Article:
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  • Author or Editor: Meng Sun x
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Rain-shelter cultivation could protect grape berries from many diseases and affect grape berry quality. However, there have been few studies of the effects of rain-shelter cultivation on the accumulation of volatiles in Shuijing grapes grown in Yunnan Province. Therefore, the goal of this research was to explore the effects of rain-shelter cultivation on the accumulation of volatiles in Shuijing grape berries during development. The Shuijing grapes used during this study were grown in the Yunnan Province of southwest China in two consecutive vintages (2018 and 2019). The results showed that rain-shelter cultivation promoted grape ripening and inhibited volatiles synthesis in Shuijing grape berries. However, the application of rain shelters did not affect the accumulation patterns of volatiles; instead, it affected the concentrations of volatiles in Shuijing grape berries, especially during the maturation phase [12–15 weeks after flowering (WAF)]. The concentrations of isoprenoid-derived volatiles (2019), fatty acid-derived volatiles, and amino acid-derived benzenoids in Shuijing grape berries were decreased by rain-shelter cultivation during the maturation phase. The concentration of 2,5-dimethyl-4-methoxy-3(2H)-furanone (mesifurane) was also decreased by rain-shelter cultivation during the late maturation phase (14 and 15 WAF). A principal component analysis (PCA) indicated that the vintage had a much greater influence on the physicochemical parameters and volatiles of the Shuijing grape berries than the cultivation method. This work reveals the formation and accumulation patterns of volatiles of Shuijing grape berries under rain-shelter cultivation during development and has significance for exploring the potential of rain-shelter cultivation in grape-producing regions with excessive rainfall.

Open Access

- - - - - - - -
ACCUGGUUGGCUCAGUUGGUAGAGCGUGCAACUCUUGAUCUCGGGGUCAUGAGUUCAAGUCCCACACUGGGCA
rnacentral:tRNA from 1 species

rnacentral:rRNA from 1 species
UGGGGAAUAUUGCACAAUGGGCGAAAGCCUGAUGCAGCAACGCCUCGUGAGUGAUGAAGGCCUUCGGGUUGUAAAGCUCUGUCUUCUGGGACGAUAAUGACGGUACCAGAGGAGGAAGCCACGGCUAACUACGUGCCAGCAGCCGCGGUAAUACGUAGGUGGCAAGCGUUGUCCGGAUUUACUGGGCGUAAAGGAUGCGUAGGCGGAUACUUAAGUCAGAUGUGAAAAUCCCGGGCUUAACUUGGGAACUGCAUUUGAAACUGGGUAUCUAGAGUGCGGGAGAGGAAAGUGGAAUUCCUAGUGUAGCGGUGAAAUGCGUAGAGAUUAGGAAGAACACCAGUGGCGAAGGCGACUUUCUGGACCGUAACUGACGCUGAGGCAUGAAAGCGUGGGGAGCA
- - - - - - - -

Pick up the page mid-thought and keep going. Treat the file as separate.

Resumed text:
Aspergillus niger is a common pathogenic fungus causing postharvest rot of fruit and vegetable, whereas the knowledge on virulence factors is very limited. Superoxide dismutase [SOD (EC] is an important metal enzyme in fungal defense against oxidative damage. Thus, we try to study whether Cu/Zn-SOD is a virulence factor in A. niger. Cu/Zn-SOD encoding gene sodC was deleted in A. niger [MA70.15 (wild type)] by homologous recombination. The deletion of sodC led to decreased SOD activity in A. niger, suggesting that sodC did contribute to full enzyme activity. ΔsodC strain showed normal mycelia growth and sporulation compared with wild type. However, sodC deletion markedly increased the cell’s sensitivity to intracellular superoxide anion generator menadione. Besides, spore germination under menadione and H2O2 stresses were significantly retarded in ΔsodC mutant compared with wild type. Further results showed that sodC deletion induced higher superoxide anion production and higher content of H2O2 and malondialdehyde (MDA) compared with wild type, supporting the role of SOD in metabolism of reactive oxygen species (ROS). Furthermore, ΔsodC mutant had a reduced virulence on chinese white pear (Pyrus bretschneideri) as lesion development by ΔsodC was significantly less than wild type. The determination of superoxide anion, H2O2, and MDA in A. niger-infected pear showed that chinese white pear infected with ΔsodC accumulated less superoxide anion, H2O2, and MDA compared with that of wild type A. niger, implying that ΔsodC induced an attenuated response in chinese white pear during fruit–pathogen interaction. Our results indicate that sodC gene contributes to the full virulence of A. niger during infection on fruit. Aspergillus niger is one of the most common species found in fungal communities. It is an important fermentation industrial strain and is also known to cause the most severe symptoms in fruit during long-term storage (). Meanwhile, plants activate their signaling pathways to trigger defense responses to limit pathogen expansion. One of the earliest host responses after pathogen attack is oxidative burst, during which large quantities of ROS are generated by different host enzyme systems, such as glucose oxidase (). ROS such as singlet oxygen, superoxide anion, hydroxyl (OH), and H2O2 are released to hinder the advance of pathogens (). ROS can react with and damage cellular molecules, such as DNA, protein, and lipids, which will limit fungal propagation in the host plant ().

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